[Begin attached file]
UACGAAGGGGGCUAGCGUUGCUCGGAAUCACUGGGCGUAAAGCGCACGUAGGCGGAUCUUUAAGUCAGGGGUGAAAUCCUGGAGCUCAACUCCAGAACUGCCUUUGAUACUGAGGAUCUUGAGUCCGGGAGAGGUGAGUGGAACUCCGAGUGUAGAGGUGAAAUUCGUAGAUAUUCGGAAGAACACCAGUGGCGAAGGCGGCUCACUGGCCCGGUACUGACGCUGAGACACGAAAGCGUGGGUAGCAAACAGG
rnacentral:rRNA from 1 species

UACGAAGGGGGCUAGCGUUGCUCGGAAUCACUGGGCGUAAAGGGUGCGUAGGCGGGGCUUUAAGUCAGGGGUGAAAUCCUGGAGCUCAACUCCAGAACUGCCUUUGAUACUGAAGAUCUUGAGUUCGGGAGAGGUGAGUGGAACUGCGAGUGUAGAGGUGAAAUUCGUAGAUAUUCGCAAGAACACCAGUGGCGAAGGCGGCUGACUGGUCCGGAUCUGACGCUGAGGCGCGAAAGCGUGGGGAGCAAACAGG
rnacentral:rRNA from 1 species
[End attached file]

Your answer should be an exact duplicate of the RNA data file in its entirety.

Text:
UACGAAGGGGGCUAGCGUUGCUCGGAAUCACUGGGCGUAAAGCGCACGUAGGCGGAUCUUUAAGUCAGGGGUGAAAUCCUGGAGCUCAACUCCAGAACUGCCUUUGAUACUGAGGAUCUUGAGUCCGGGAGAGGUGAGUGGAACUCCGAGUGUAGAGGUGAAAUUCGUAGAUAUUCGGAAGAACACCAGUGGCGAAGGCGGCUCACUGGCCCGGUACUGACGCUGAGACACGAAAGCGUGGGUAGCAAACAGG
rnacentral:rRNA from 1 species

UACGAAGGGGGCUAGCGUUGCUCGGAAUCACUGGGCGUAAAGGGUGCGUAGGCGGGGCUUUAAGUCAGGGGUGAAAUCCUGGAGCUCAACUCCAGAACUGCCUUUGAUACUGAAGAUCUUGAGUUCGGGAGAGGUGAGUGGAACUGCGAGUGUAGAGGUGAAAUUCGUAGAUAUUCGCAAGAACACCAGUGGCGAAGGCGGCUGACUGGUCCGGAUCUGACGCUGAGGCGCGAAAGCGUGGGGAGCAAACAGG
rnacentral:rRNA from 1 species